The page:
Archive for the ‘News’ Category

Take short showers, and pray for rain

December 22, 2013

A winter's day in the Santa Cruz Mountains. The stuff of dreams.

A winter’s day in the Santa Cruz Mountains. The stuff of dreams.

Today could be described as one of those event-filled rides you dream about. Under clear skies that included, for the first weekend in a while, clean air, I headed up Hwy 9 from Saratoga.

Right off the bat I was pleased to see road crews have widened the shoulder in many locations. Or am I just imagining? They also put up the new “bikes can use full roadway” signs.

I’m so accustomed to riding here that I don’t pay much attention to the road. Anyway, they put out some straw-filled dividers and sprayed green stuff. I think it’s all about erosion control, but feel free to chime in.

Someone at Caltrans has a benevolent view of bikes on Hwy 9. Nice widening and greatly appreciated.

Someone at Caltrans has a benevolent view of bikes on Hwy 9. Nice widening and greatly appreciated.

On Skyline the wind picked up and so did the temperature (mid-50s). I met Brian and we headed off on our ride. Trail conditions couldn’t be much better, although they might benefit from a little more rain.

As part of our volunteer trail maintenance duties, we removed a downed tree. It was decidedly bigger than the photo indicates. It took us a good 20 minutes to muscle it off the trail. Brian hacked away with his portable hand saw, having forgotten once again to bring his Oregon 40V PowerNow CS250E chainsaw.

Doing our part to keep trails open and safe.

Doing our part to keep trails open and safe.


On the way home I checked out Stevens Creek Reservoir to see what happens when it doesn’t rain for two years in a row. It’s pretty much a mud puddle.

I think Jerry will be declaring a water emergency after the Chistmas holidays. I hope you don’t mind a dead lawn and 5-minute showers. Lawns should only be allowed in England.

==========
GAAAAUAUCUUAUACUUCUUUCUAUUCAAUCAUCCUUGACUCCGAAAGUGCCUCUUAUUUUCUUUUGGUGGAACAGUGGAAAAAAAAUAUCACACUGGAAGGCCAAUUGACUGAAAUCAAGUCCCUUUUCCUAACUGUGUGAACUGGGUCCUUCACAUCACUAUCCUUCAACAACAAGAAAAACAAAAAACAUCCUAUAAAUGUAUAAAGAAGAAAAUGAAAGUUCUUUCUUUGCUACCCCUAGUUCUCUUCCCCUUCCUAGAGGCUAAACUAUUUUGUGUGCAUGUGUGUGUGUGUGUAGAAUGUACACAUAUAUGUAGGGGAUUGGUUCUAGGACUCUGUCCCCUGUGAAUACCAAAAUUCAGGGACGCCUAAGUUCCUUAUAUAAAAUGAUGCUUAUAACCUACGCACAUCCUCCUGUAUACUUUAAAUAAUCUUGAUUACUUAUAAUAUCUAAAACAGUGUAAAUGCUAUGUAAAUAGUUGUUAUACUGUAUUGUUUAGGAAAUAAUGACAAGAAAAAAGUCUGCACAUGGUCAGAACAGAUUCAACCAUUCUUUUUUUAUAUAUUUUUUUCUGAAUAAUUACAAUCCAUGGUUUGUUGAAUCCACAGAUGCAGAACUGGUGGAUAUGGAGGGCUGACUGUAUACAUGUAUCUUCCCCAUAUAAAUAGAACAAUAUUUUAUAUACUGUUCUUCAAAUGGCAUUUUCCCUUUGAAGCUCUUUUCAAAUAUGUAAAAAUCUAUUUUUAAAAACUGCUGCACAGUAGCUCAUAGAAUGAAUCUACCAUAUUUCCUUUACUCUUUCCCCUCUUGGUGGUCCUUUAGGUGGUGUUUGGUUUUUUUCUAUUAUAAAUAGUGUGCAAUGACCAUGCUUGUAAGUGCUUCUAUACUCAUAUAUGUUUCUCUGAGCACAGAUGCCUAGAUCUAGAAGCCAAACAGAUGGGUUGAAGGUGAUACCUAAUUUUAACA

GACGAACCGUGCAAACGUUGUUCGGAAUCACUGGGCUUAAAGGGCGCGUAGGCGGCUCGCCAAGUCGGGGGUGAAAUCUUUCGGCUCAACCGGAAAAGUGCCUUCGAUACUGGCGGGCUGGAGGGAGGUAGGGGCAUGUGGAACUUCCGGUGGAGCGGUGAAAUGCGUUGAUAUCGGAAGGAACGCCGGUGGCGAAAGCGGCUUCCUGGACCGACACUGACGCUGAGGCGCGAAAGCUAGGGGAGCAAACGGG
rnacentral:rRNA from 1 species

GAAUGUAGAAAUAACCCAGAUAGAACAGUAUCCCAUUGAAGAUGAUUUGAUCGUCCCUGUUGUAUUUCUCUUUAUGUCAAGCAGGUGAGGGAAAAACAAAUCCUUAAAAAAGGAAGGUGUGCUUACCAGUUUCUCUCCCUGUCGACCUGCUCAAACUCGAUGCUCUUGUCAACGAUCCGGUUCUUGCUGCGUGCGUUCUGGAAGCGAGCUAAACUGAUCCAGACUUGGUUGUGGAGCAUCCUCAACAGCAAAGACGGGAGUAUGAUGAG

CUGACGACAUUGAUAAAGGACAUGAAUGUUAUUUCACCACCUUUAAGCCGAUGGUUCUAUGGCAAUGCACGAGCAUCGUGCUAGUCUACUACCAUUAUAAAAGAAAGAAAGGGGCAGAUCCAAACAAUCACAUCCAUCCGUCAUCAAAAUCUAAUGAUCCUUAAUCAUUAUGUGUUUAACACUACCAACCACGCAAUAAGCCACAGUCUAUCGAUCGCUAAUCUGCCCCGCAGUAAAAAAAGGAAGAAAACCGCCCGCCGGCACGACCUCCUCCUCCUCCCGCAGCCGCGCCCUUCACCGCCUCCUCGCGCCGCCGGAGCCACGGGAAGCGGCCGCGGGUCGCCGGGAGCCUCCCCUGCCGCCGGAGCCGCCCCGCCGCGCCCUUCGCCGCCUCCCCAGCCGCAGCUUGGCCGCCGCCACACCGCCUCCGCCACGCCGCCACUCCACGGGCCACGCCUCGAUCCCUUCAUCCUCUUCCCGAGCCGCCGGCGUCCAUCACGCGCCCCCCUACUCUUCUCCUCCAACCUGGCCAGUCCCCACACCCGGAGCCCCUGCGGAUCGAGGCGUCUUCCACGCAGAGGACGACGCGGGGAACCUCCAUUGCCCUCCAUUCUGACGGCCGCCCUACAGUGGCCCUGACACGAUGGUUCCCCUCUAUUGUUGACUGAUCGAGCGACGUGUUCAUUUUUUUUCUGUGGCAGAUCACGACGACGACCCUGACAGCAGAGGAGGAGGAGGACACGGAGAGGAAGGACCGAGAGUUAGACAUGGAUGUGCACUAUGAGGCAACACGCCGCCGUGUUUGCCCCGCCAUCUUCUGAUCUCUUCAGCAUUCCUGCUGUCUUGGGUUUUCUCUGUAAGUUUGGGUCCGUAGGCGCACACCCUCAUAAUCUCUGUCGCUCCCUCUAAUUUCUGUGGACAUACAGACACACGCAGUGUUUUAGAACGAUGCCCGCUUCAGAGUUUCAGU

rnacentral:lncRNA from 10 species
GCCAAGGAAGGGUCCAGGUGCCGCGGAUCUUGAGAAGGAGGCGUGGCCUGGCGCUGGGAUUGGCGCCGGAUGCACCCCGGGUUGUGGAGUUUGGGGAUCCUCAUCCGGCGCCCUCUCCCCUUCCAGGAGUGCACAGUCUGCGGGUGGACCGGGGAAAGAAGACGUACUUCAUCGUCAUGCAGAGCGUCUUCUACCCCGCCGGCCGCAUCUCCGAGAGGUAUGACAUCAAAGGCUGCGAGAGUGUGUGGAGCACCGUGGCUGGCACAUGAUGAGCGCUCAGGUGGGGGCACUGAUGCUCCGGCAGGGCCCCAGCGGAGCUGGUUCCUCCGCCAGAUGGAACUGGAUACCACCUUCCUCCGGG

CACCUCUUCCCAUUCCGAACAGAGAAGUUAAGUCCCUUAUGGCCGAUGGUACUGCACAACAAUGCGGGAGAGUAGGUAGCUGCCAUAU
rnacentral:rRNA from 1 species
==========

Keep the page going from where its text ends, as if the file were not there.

Maybe we don't get drinking water from Stevens Creek Reservoir, but it tells the story. Mega-drought.

Maybe we don’t get drinking water from Stevens Creek Reservoir, but it tells the story. Mega-drought.


Finally, I stopped by to see the new Cupertino Bike Shop at McClellan Road and Stevens Canyon Road. It looks like it’s still weeks away from completion, but be sure to visit Vance Sprock and dog Daisy when the shop opens. Local residents are fortunate to have three outstanding pro shops within three miles of one another: Cupertino Bike Shop, Chain Reaction Bicycles, Bicycle Outfitter.
Cupertino Bike Shop's new home on Stevens Canyon Road at McClellan, opening soon.

Cupertino Bike Shop’s new home on Stevens Canyon Road at McClellan, opening soon.

Upper Alpine Road repaired

December 15, 2013

Upper Alpine Road (dirt) has been repaired.

Upper Alpine Road (dirt) has been repaired.

A friend told me the upper section of Alpine Road that had a washout has been repaired, so I checked it out. It’s about a half-mile down from Page Mill Road in the “freeway” section.

Eons ago there was probably a washout in this same location and San Mateo County repaired it by widening the road. The culvert plugged up again and washed out a year or so ago. In wet years this ravine has a decent flow, but since the Great Drought it hasn’t seen much water.

I’m told Midpeninsula Regional Open Space District made the repair, even though the road is still under the jurisdiction of San Mateo County. But don’t hold your breath that the county would do anything to fix Alpine Road.

The “road” is in the best shape I’ve seen it, all things considered. It’s a far cry from what it was in the late 1980s when it was graded for the last time and there weren’t any washouts. The bypass trail is still an insult to cyclists. Elite mountain bikers and hikers (not than anyone hikes here) wouldn’t think so though.

Invisible bike helmet a Swedish invention

November 10, 2013

My helmet after a crank failed while I was sprinting.

My helmet after a crank failed while sprinting.


I predicted airbag protection in my 2008 futuristic story about using trucks as wind breaks on freeways. I think that will come to pass as well, but not in my lifetime.

Now some women in Sweden have developed an airbag helmet that wraps around your neck. That may be fine in Sweden where it rarely gets above freezing, but not elsewhere.

Still, it’s a start and they’re on the right track.

Peters Creek Trail – still there and not much changed

November 10, 2013

 Nice day on the Bay Area Ridge Trail near Hickory Oaks Trail.


Nice day on the Bay Area Ridge Trail near Hickory Oaks Trail.


I haven’t ridden Peters Creek Trail single-track in Midpeninsula Regional Open Space District for about a million years, so today was as good a day as any to see what it’s like.

Starting at Grizzly Flat the trail descends on a hillside over some rocky sections and then smooths out entering the trees. It’s part old road and part single-track for a mile or so before reaching Two Moon (Green Scum) Lake and Jikoji Zen Center. Having ridden here since the mid-1980s, I can say the trail/road is in about the same shape I remember it. There is ongoing trail maintenance.